Funeral For a Friend interview

Posted on 9 November 2011
By Cat Marr
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Funeral for a Friend have had a string of hits, albums and a career that is nearing the decade mark. This year they released their fifth studio album Welcome Home Armageddon and EP See you all in Hell and embarked on a UK tour.

With a couple of new faces and a new sound Purple Revolver caught up with the bassist of the band Rich Boucher to ask him about life on the road, their new music and rock career longevity.

PR – How’s the tour been so far?
RB – The tour’s been brilliant so far, many good nights so far. The difference with this tour to the others is that we’ve been playing new material off the new album, for the first time ever live. We’ve had the new EP and we’ve played old tracks that we haven’t played for many years so it’s completely different stuff but it’s going really well.

PR – Funeral For a Friend have been around for just over 10 years now, how does the energy of now compare to when you first played live in a band?
RB – I joined the band recently but obviously I’ve played in other bands; Honda McClean for five years. It’s still fresh and we still have heavy nights. We still have that energy and that buzz we all want to play and be there every night.

PR – A decade as band is quite a feat, what’s the secret to Funeral for a friend’s longevity?
RB – I think that no matter how heavy, or how crazy the music gets I think Funeral will always have this amazing ability to have a strong sense of melody. Obviously a lot of things that like lyrics and content and I think it just comes down to the sense of melody that the band have.

PR – You’ve just released the new album how has that been received?
RB – The new album has been great and received really well by critics and fans. A lof of people have said that it’s the natural progression from the album Hours (the band’s second album), which I have to agree with. It’s about not giving a shit, doing what we want and just playing music that we want to play and have fun doing it. Yes it’s been received really well and we have all had fun doing it. I’m really proud of the record and happy about it.

PR – The band have churned out quite a lot of material in a short space of time, how have you managed this without compromising on quality?
RB – I don’t know really, I think we just really like making music. Obviously we put the EP, out because we wanted to end the year on a big high and make a big statement. We’re really proud of it. We’ve finished the album title, played venues and another EP See you all in Hell. The reason behind that we put this out is because we didn’t want to do another edition of the album, we wanted the EP to stand alone. And basically we wanted to a get a new song out it’s called High Castles.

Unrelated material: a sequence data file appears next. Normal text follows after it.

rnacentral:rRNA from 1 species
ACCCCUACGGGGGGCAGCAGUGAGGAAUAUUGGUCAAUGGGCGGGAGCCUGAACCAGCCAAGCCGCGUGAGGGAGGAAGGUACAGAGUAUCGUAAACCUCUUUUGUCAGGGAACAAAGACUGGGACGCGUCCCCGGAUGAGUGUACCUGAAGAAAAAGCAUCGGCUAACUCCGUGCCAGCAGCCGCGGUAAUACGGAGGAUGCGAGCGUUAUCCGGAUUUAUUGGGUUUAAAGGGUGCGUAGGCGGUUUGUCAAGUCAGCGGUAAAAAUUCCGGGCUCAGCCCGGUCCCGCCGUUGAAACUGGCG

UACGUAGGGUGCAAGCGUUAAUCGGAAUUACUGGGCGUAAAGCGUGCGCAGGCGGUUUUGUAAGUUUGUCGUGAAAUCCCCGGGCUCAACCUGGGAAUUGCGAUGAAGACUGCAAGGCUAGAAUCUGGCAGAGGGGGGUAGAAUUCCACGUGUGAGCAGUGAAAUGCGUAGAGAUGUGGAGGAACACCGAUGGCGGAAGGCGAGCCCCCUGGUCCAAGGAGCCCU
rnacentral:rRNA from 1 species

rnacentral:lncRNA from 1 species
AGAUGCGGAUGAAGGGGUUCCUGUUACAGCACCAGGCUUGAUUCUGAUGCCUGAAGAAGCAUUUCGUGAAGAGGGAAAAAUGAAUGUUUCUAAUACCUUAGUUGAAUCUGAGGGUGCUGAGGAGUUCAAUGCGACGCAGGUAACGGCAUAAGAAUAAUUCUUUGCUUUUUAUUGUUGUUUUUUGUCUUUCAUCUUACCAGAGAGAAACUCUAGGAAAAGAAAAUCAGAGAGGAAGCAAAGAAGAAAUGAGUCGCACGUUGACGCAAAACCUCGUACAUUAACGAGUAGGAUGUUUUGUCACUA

PR – Both names of your recent releases spell an untimely death, See you all in Hell and Welcome Home Armageddon – are you trying to tell us something?
RB – I think it’s Matt’s way of playing on words. Sounds quite depressing really doesn’t it- Funeral For a Friend – See you All in Hell ( laughs). Nothing clarifying there, we’ll definitely coming back with a new record. We’re already in the process of writing it. Not sure why they sound so final, but I suppose that’s a question for Matt (Matt Davies lead singer).

PR – You’ve played in another band for five years then moved across to this one how was the transition?
RB – It’s been really easy actually because obviously Ryan was the original drummer in the band Honda McClean so I know Ryan and we have a little side project going, so me and Ryan (Richards, Drummer) have worked together quite a lot. Gavin (guitarist in the band) was the original guitarist in Honda McClean as well. We’re all very good friends anyway, we used to write the music and play music together. It wasn’t awkward at all it felt very natural to be honest. I’m very lucky.

PR – When you’re an old man and if Funeral for a Friend aren’t planning to be the next Rolling Stones and tour well into their 70s, what will you look back on and take from being in the band?
RB – I’ve travelled the world, seen so many things that I might not have had the opportunity if I hadn’t been in the band. When you travel you get to see alot and grow up alot and yeah it’s just taken me to some amazing places. I’ve met so many amazing people as well I will definitely look back with some very fond memories.

PR – Being famous and recognised comes as part and parcel of being in a band, how do you cope with it?
RB – It doesn’t really bother me I just embrace it, it’s just part of being in a band people are interested in what you do. If somebody loves your music and they want to talk to you about it that’s cool. I tend not to get recognised anyway so i’m all right ( laughs).

PR – What will you and the band bring to Manchester Academy tonight?
RB – Usually lots of energy, I made a little promise on Facebook tonight that I’m going to do a solo circle pit because there’s lots of space on the stage and around the drums. So you’ll probably see me doing a solo circle pit around the entire stage. Energy, antics and probably agression, I’m quite aggressive on stage sometimes.

Words – Cat Marr
Picture – © Lloyd Williams